My father prayed me into existence before I was ever conceived.
Yeah, I know what you’re thinking. My mother thought it sounded crazy, too. He told her he was going to have a son with her before anything ever happened. She thought, “How could he have possibly known I was going to be a boy?”
Oh, but he knew.
He even went as far as begging my grandmother for her blessing. There was something about his conviction that made her a believer as well. He prayed day and night, asking for a son as a do-over for so many missed opportunities in his own life.
His persistence, prayers, and infinite love gave me life.
From the moment I opened my eyes, my dad always called me Bigtime.
He claimed he knew the entire time that I would grow up and make it big one day. For much of my life, I didn’t like that nickname. It was sort of awkward when he’d just come up to me and call me that in front of my friends.
But now, I embrace it with everything within me. He gave me that nickname for a reason, and I want to live up to it every time I have the ball in my hands.
I fell in love with basketball because it was a way to really connect with my dad. The drive and passion he had for the game moved me to the point where I just wanted to make him proud and win his approval.
It literally started as early as me formulating my first words. Both of my parents remember the times vividly when I’d walk around Wal-Mart, reaching out my arms and saying “ball” every time I saw one in the store.
My mom didn’t think my dad was so crazy at this point.
He wanted a son and a basketball player, and boom, there I was in front of her asking for a ball.
I guess God really does work in mysterious ways.
My dad always called me Bigtime because he wanted me to be everything he felt like he could have been. He believed he really had a chance to do something big when he was playing basketball, but he wasn’t able to have the same opportunities. So the next best thing for him was to live some of his dreams through me.
I was never nervous about those sorts of expectations because I’ve always been one to accept challenges and step up to get things done. On the flip side, I would even say those expectations have motivated me more than anything. I see it as no choice but to make those around me proud.
Without that motivation, I’m not so sure I would have made it to the collegiate level.
I always loved sports growing up, but I mostly played them for fun. It wasn’t until my junior and senior year in high school that I tried to really embrace the sport of basketball and get the most out of it. That was around the time when my first scholarship offer rolled in.
And then, the fire was lit.
I wasn’t heavily recruited, but that one opportunity gave me a reason to hope for the future if I put in the work. In the back of my mind, I always dreamed of being a professional athlete, but I’d never taken that goal seriously up until that point. I knew it was there, but I didn’t really know, if that makes sense.
I didn’t even have a plan. I was just kind of going through the motions.
But that one offer sparked everything into reality.
My game really started to take off in my senior year of high school. That’s when I made the connection with Presbyterian College.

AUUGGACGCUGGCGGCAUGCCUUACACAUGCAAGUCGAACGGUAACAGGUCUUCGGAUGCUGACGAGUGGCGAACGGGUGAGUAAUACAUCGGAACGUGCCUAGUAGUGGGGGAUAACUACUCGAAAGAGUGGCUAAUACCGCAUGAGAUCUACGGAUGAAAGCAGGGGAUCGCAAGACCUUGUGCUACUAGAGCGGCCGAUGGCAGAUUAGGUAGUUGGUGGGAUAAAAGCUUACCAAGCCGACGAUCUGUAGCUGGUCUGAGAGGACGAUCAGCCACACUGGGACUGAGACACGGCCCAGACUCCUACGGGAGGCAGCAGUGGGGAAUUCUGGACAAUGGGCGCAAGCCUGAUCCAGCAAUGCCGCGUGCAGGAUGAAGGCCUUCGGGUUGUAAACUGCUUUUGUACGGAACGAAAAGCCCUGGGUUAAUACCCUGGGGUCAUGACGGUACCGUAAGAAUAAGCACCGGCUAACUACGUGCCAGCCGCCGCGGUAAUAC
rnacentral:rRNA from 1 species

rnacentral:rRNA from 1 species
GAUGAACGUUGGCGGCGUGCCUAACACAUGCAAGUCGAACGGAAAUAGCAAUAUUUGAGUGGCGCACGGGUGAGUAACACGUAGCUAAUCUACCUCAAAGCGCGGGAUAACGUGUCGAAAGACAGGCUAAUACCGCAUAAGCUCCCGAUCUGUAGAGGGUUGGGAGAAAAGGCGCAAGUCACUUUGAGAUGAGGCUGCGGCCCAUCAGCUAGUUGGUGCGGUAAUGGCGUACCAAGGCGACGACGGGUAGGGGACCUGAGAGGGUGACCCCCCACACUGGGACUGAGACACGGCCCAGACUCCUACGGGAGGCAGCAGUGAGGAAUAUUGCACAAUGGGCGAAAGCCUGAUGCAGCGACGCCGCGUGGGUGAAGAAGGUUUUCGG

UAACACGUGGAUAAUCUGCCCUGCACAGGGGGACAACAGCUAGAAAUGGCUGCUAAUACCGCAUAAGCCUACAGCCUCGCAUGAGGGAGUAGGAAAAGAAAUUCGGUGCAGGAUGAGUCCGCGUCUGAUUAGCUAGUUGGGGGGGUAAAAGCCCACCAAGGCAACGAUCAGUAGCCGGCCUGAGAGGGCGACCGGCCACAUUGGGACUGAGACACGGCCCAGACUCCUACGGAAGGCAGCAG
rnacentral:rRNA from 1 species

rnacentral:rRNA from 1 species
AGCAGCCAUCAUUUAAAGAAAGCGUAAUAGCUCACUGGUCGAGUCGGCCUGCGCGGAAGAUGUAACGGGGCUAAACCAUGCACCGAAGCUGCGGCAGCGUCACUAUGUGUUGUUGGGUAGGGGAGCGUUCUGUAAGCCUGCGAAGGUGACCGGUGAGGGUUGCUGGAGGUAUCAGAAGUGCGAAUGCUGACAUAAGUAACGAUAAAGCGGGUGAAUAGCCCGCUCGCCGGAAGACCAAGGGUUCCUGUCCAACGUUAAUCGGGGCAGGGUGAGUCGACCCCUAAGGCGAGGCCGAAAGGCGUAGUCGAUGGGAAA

At that point, there were other offers on the table as well. But once Presbyterian College made contact, everything happened so quickly. It was probably less than a month of us talking before I ended up signing.
I’ll never forget my first phone conversation with coach Quinton Ferrell. It was a midnight call after assistant coach Nick Lagroone came up to watch one of my games in Arden, North Carolina.
Coach Ferrell basically offered me over the phone, but I didn’t really understand what he was saying. Did he actually offer me a scholarship, or was he just saying he wanted me?
Maybe it’s because it was so late, and I was still hyped up on the game or something. But I still laugh about that conversation whenever it comes up.
The choice to come to PC was never hard for me. I signed here because of the family atmosphere they provided from the jump. It just felt right.
I’m big on faith, and I prayed throughout the entire process. In the end, it was all about consistency. I wanted to go somewhere that wanted me to be there just as badly as I wanted to go there. PC was the one school that showed me that kind of love. They showed me they really wanted me to join their program.
And let’s be honest, who doesn’t like to have that feeling?
PC gave me an opportunity to go dream-chasing for both me and my dad.
I’ll never forget the moment when I told him I committed. We were just relaxing in the house when I walked right up to him and told him where I wanted to go. He was just so happy and proud. This was one of the moments he dreamed of all of those years back when he told my mom he wanted to have a son.
And to think, he spoke it all into existence.
I’m so excited for the journey, but I’ll be honest and say the transition has been eye-opening. That first practice is probably as ingrained in my memory as breaking the news of my decision to my dad. I’m pretty sure I would have passed out if I kept going any longer.
But those first couple of weeks helped mold me into what I needed to be to compete at the next level. It refocused my mindset entirely.
My goals don’t end with a scholarship. I want to make it to the NCAA Tournament with my team, but most of all, I want to make the coaches that have given me this opportunity proud.
Oh, and I definitely want to play in the NBA one day. Go big or go home, right? I wouldn’t be Bigtime if I didn’t try.